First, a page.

He-can-no-longer-at-theA “ground-breaking” exhibition of works of 18th and 19th century Spanish painter and printmaker Francisco Goya opens to the Courtauld Gallery at Somerset House today. Goya: The Witches and Old Women Album brings together the previously widely scattered pages of one of the artist’s most celebrated private albums in the first exhibition to ever recompile one of them. The album – which features themes of witchcraft, dreams and nightmares and has been reconstructed into its original sequence – is thought to have been made between 1819-23, a period during which Goya completed the murals known as the Black Paintings. Runs until 25th May. Admission charges applies. For more, see www.courtauld.ac.uk/goya. PICTURE: © The Courtauld Gallery (He can no longer at the age of 98, c. 1819-23, J. Paul Getty Museum).

The ‘Wolsey Angels’ have been “saved for the nation” after a campaign to acquire them by the V&A. The museum has reported that more than £87,000 was raised in a national public appeal – around £33,000 of which was raised via donations and through the purchase of badges at the South Kensington premises – which, along with grants including a £2 million National Heritage Memorial Fund grant and a £500,000 Art Fund grant, will be used to acquire the four bronze angels which were originally designed for the tomb of Cardinal Thomas Wolsey, chief advisor to King Henry VIII. The four bronze angels, which have been in display at the V&A, will now undergo conservation treatment before going back on display. For more on the history of the angels, see our earlier post here. For more information on the V&A, see www.vam.ac.uk.

Closing Soon – A Victorian Obsession: The Pérez Simón collection at Leighton House Museum. This exhibition at the former Holland Park of Lord Leighton presents more than 50 rarely exhibited paintings by leading Victorian artists including Albert Moore, Dante Gabriel Rossetti, Edward Burne-Jones, John Everett Millais, John William Waterhouse, Edward Pointer, John Strudwick and John William Godward as well as six pictures by Leighton himself and the highlight, Lawrence Alma-Tadema’s The Roses of Heliogabalus. Runs until 29th March. Admission charge applies. See www.rbkc.gov.uk/subsites/museums/leightonhousemuseum/avictorianobsession.aspx for more.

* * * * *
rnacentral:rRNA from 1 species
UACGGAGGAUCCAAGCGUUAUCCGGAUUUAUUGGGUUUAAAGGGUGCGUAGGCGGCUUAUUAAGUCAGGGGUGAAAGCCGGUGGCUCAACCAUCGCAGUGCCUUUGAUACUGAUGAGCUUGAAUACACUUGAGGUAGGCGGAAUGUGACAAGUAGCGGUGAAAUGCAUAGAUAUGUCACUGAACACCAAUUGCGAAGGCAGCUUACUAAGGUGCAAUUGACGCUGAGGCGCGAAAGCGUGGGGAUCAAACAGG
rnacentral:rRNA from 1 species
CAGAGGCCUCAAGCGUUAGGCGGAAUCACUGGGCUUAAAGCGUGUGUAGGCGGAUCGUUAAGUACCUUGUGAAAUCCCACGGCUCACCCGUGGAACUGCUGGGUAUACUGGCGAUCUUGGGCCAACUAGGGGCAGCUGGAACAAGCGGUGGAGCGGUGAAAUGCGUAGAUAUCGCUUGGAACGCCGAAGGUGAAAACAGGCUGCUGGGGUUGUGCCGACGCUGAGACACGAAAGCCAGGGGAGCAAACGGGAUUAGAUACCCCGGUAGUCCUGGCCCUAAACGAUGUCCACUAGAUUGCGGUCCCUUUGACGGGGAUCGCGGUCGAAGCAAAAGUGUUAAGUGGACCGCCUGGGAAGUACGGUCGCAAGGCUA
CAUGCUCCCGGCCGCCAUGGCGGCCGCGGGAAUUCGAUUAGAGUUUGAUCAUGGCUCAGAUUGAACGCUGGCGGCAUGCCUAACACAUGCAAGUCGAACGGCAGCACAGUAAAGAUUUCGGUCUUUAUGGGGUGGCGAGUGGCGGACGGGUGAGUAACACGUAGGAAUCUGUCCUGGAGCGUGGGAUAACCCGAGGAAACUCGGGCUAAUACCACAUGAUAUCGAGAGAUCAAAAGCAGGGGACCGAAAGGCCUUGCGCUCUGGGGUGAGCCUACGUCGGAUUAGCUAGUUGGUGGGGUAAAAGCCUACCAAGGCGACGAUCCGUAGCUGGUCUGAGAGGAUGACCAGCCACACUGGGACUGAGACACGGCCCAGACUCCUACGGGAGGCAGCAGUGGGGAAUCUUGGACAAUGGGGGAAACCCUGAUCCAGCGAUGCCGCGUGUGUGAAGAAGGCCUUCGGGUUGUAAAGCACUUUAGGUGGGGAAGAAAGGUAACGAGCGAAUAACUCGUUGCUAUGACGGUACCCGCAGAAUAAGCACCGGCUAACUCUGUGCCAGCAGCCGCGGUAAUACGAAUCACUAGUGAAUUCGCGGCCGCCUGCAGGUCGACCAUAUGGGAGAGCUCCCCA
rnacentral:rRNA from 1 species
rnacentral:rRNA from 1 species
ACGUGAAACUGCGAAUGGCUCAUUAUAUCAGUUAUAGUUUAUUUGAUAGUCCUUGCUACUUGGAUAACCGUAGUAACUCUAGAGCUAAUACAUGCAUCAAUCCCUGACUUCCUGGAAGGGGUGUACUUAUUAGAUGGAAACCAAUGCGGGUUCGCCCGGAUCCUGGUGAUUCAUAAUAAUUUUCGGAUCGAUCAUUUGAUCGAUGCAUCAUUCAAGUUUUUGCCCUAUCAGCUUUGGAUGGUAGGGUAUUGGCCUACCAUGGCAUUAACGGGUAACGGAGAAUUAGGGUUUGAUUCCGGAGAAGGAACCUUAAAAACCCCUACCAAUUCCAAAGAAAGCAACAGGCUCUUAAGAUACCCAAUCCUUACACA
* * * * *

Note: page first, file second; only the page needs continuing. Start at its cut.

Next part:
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Wolsey-Angels

 

Four bronze angels, designed for the tomb of Cardinal Thomas Wolsey, have been temporarily reunited in the V&A’s Medieval & Renaissance galleries as the museum looks for funding to acquire them.

Once thought lost, the Wolsey Angels were commissioned in 1524 from Florentine sculptor Benedetto de Rovezzano for the tomb of Wolsey, chief advisor to King Henry VIII and one of the most powerful men in the kingdom. Each of the angels, which measure around a metre in height, was created between 1524 and 1529 – the period in which Wolsey was trying to have the pope annul Henry VIII’s marriage to Catherine of Aragon.

As is well-known, Wolsey failed to do so and died in 1530 in disgrace. Henry appropriated Wolsey’s assets including the tomb which the king apparently intended to use for himself. The work was slow, however, and when Henry died in 1547, it remained unfinished. His children – King Edward VI, Queen Mary I and Queen Elizabeth I – each said they would complete the tomb as a memorial to their father but didn’t and in 1565, Elizabeth moved parts of the tomb to Windsor.

During the English Civil War elements of the tomb were sold off to raise funds and only the black stone chest – now used to house the remains of Admiral Lord Nelson in the St Paul’s Cathedral crypt – were believed to have survived along with four large gilt-bronze candlesticks which were installed at St Bavo Cathedral in Ghent.

The angels passed out of sight until, in 1994, two of them appeared in a Sotheby’s sale. Acquired by a Parisian art dealer, they were later attributed to Benedetto. The remaining two angels were discovered at Harrowden Hall in Northamptonshire in 2008 – the hall is now owned by the Wellingborough Golf Club – and it was subsequently revealed that the other two had been stolen from the same site 20 years previously.

The V&A has embarked on a campaign – backed by Hilary Mantel, the Booker Prize winning author of Wolf Hall – to acquire the four angels, priced at £5 million. It has already been granted £2 from the National Heritage Memorial Fund and the Art Fund has pledged a further £500,000.

Mantel described the recovery of the angels as “one of those miracles that historians pray for; something that seems irrevocably lost has been there all the time”. “To claim the angels for the nation would connect us to one of the liveliest eras of our history and one of its most remarkable men.”

Donations can be made via the V&A’s website at www.vam.ac.uk/wolseyangels.

PICTURE: Wolsey Angels on display at the V&A/© Victoria and Albert Museum, London